David Rudisha

Report: David Rudisha in doubt for track worlds

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David Rudisha‘s coach shed some light on the Olympic and world champion’s knee injury Wednesday.

Rudisha, the world-record holder in the 800 meters, may not be healthy enough to defend his world title in Moscow next month, Colin O’Connell told Reuters.

“He is progressing on well, but I doubt if he will heal early enough to resume training for the world championships,” O’Connell said.

The coach said a more detailed report of Rudisha’s injury will be given next week and then they’ll talk to the International Association of Athletics Federations (IAAF) and Athletics Kenya. Rudisha doesn’t have to go through a national trials (Kenya’s is this weekend) or selection process as the defending world champion.

“His wild card is an advantage, but we are praying that he responds well to treatment,” O’Connell told Reuters.

Rudisha, 24, injured his knee running in Central Park in New York.

A photo surfaced of Rudisha with crutches earlier this week and a caption saying he was recovering from knee surgery. That sounded alarm bells, but Rudisha’s agent told LetsRun.com he did not have surgery.

“He has a bone bruise on the under side of his right knee,” James Templeton told the website. “He was on crutches for a period to give it the best possible chance to heal.”

If Rudisha were to miss worlds, it would open the door wider for a U.S. medalist in the 800 for the first time at a major international meet since 1997 worlds. U.S. champion and runner-up Duane Solomon and Nick Symmonds finished fourth and fifth, respectively, at the 2012 Olympics.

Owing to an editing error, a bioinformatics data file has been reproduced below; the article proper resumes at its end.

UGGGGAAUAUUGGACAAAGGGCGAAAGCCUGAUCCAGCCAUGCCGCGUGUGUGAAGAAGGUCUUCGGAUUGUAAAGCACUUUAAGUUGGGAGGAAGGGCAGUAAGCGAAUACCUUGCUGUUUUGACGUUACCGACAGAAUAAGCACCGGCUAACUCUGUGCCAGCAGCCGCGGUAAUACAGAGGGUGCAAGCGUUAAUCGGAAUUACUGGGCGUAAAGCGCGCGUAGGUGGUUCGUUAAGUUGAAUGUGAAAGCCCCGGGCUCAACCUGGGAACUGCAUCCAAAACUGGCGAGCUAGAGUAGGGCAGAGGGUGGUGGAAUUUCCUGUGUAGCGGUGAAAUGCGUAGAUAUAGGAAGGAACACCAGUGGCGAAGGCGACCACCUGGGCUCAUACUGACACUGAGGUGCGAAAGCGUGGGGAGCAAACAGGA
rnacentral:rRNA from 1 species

Solomon’s win at nationals in Des Moines, Iowa, on June 23 marked the fastest time in the world this year — 1 minute, 43.27 seconds. Rudisha’s world record set at the 2012 Olympics is 1:40.91.

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Aksel Lund Svindal says season, career still at risk after crash

Aksel Lund Svindal
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OSLO, Norway (AP) — Norwegian skier Aksel Lund Svindal says the knee injury that took him out of the World Cup last season was worse than he’s been letting on.

Svindal was the overall World Cup leader when he injured his right knee in a crash during a downhill in Kitzbuehel, Austria, on Jan. 23. Watch video of the crash here.

In an interview with Norwegian broadcaster NRK, Svindal said not only did he rupture a cruciate ligament, he also damaged his meniscus and cartilage.

Svindal, who won a medal of every color at the 2010 Vancouver Winter Games, is back on skis training for the upcoming World Cup season.

But he said the cartilage problems are particularly worrisome and could put the season, and even his career, at risk.

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Justin Rose pulls out gold medal for final Barclays putt (video)

Justin Rose
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Some athletes sleep next to their Olympic medals. Others keep them in sock drawers. Justin Rose brought his gold medal with him to the Barclays, and then wore it for his final putt of the tournament Sunday.

Rose, the first Olympic men’s golf champion in 112 years, drew laughs and applause when his caddie draped it over his neck before a tap-in putt on the 18th green. Rose tied for 31st at the Barclays.

Phil Mickelson‘s caddie coined the idea on the previous hole.

“He said, ‘Dude, if you’ve got a 1-footer, slip it on your neck,'” Rose said, according to Golf Channel. “‘People are going to love it.’ He said, ‘People don’t get the chance to see a gold medal very often at all.'”

Defending that gold medal will prove tough.

If Olympic golf qualifying remains the same for Tokyo 2020, Rose, who will turn 40 during the Tokyo Games, may need to be ranked in the top 15 in four years to get into the field.

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